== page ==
Liveblog: Informed World, The citizen’s guide to media literacy
We’re about to start this panel, located on a floor accessible only by two elevators, so people are coming in in batches of 8.
The topic: “Who can you trust in the We Media landscape? Where’s the line between commerce and information? No more is it a question of parsing the biases of individual media outlets: It’s time to define a global media-education agenda so everyone can understand how today’s media works, and how best to use it. Our goal: Create a set of guidelines for media literacy today.”
Panelists: Sam Grogg (dean of U. of Miami), Vinta Srivastava (professor at Ryerson), John Bell (managing director, 360 Digital Influence at Ogilvy)
11:35: Bell welcomes us. Explains his job title: the way we’re influenced today has changed fairly significantly. Introductions. Interestingly, Vinta is being introduced but hasn’t arrived in the room yet. Consider it a pre-introduction.
Bell talks about Paper Tiger television, was popular in NYC. A group that analyzed media structure and bias. But they just had to deal with magazines, tv, radio, newspapers.
Now, we have to look at the devices (cell phones, PDAs, computers, TiVos) that deliver the content, and who owns them, and who owns the advertising. Bell has a complicated metro-style chart that shows how complicated things have become.
Grogg studied film literacy, previously in his career. He tried to educate students about this, but found it was quite difficult. His curriculum here at U of M is aiming to be an integrated look at spoken, written, visual, online, and any other imaginable form of literacy and how to become more literate over time.
Grogg: We’re forcibly becoming literate multitaskers, but we’re still not properly studying it. The faculty here has banned laptops in the classrooms; he thinks this is a big issue (i.e. a wrong decision, though he was circumspect about saying so in front of so many bloggers).
11:45: Srivastava, was a journalist for about 15 years, inc. NYTimes. Became disillusioned with mass media roung about Sept. 11, and felt that the our (journalists) media literacy fell out the window and patriotism replaced objectivity. She went (back) to Toronto to teach, and started an empowerment project.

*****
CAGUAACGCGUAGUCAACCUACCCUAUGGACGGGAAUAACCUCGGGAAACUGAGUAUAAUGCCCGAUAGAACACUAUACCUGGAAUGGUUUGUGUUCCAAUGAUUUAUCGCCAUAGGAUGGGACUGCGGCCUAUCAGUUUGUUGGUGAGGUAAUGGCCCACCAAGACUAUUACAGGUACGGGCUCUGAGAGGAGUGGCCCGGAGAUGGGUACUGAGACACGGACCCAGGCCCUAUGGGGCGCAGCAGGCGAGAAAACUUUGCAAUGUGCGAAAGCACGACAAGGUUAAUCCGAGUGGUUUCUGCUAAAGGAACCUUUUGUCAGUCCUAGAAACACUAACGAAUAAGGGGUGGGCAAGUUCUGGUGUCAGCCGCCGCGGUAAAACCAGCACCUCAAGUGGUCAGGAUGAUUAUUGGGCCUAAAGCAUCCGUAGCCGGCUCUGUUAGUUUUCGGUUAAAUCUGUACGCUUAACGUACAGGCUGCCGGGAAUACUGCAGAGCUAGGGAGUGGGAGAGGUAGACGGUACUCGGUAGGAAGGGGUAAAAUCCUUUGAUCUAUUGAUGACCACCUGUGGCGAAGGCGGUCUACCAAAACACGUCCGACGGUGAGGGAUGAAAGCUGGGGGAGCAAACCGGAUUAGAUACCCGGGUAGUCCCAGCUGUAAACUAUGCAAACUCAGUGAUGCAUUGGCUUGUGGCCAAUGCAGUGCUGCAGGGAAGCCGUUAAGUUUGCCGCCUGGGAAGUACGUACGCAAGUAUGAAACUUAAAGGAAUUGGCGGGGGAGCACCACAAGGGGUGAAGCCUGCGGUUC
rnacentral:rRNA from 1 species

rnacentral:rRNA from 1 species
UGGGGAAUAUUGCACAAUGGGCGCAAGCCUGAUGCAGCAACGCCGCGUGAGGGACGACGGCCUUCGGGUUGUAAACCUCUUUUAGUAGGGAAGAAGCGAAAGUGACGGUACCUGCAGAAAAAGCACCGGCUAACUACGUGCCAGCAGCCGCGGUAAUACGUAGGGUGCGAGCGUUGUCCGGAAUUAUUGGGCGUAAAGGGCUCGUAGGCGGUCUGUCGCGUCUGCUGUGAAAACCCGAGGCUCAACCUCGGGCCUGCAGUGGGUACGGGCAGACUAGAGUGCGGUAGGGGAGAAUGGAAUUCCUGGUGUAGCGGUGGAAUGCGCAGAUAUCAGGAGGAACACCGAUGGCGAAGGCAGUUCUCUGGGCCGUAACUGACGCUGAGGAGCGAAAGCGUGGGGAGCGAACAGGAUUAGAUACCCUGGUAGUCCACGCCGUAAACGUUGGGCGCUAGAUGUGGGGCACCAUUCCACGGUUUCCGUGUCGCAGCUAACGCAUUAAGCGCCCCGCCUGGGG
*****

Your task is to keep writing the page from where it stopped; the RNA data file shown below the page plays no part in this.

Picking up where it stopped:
Srivastava feels there are 4 pillars to media literacy (which leads to empowerment):
Training people (journalists and public alike) in these skills, leads to better journalism especially in times of crisis.
At one point, Srivastava went on a leave of absence to South Africa. In Soweto, she asked hundreds of kids what they wanted to do: They all wanted to open Internet Cafes.
Bell asks the room: how many self-identify as belonging to the media: (most people) — education (a few)? — non-profit (a few) — business (more than a few).
Bell: What’s changing in the marketplace? Emerging digital media forms are creating:
Bell says that helping citizens to understand media — the media they consume and/or create — ensures an informed and engaged citizenry (which is good).
Grogg: Young people are coming to companies without the overall media / technology skills necessary. They can use facebook, and email, but they can’t necessarily move across platforms and not get stuck. Companies need nimble, innovative workers. Young kids are reading, constantly, hours a day, but not as often books as what their friends are writing.
Srivastava: Facebook and MySpace aren’t part of being an informed citizen
Bell: What about people who use MySpace [and Twitter] to track blackout news?
Srivastava: But that’s probably the exception, isn’t it?
11:55: Srivastava: Who’s creating the power structure? It’s not just about who OWNS the media outlet. Its about who’s participating and who’s missing in the production process. Grogg: And, who is (and isn’t) consuming it…
Srivastava: Small bloggers still need to have enough time, and access to the tools. This isn’t a luxury that all people have. That blog is run by, probably, a middle-class, middle-aged woman. Spent time doing research with kids (African-American teens) in her neighbourhood in New York. They say life today is “white-knuckle fast” and actually said they long for the “golden age” simply because the pace of life was so much more manageable.
12:05: Audience question: New Voters Project (dang, I missed it while looking for the link. Blogging hazard.
Second question: Students don’t necessarily make the connection between the tools they use (blogging) and the influence those can have. They don’t just have to be about your life and a personal journal. They can break stories and be influential, but students don’t always make that connection or see the potential.
Bell: Marketing. The pressure in the marketplace is between privacy and advertising. Facebook’s “adventure” with Beacon (a way Facebook could amalgamate your shopping and Web browsing habits) illustrates these opposing pressures. Marketing is not necessarily transparent, and this causes issues.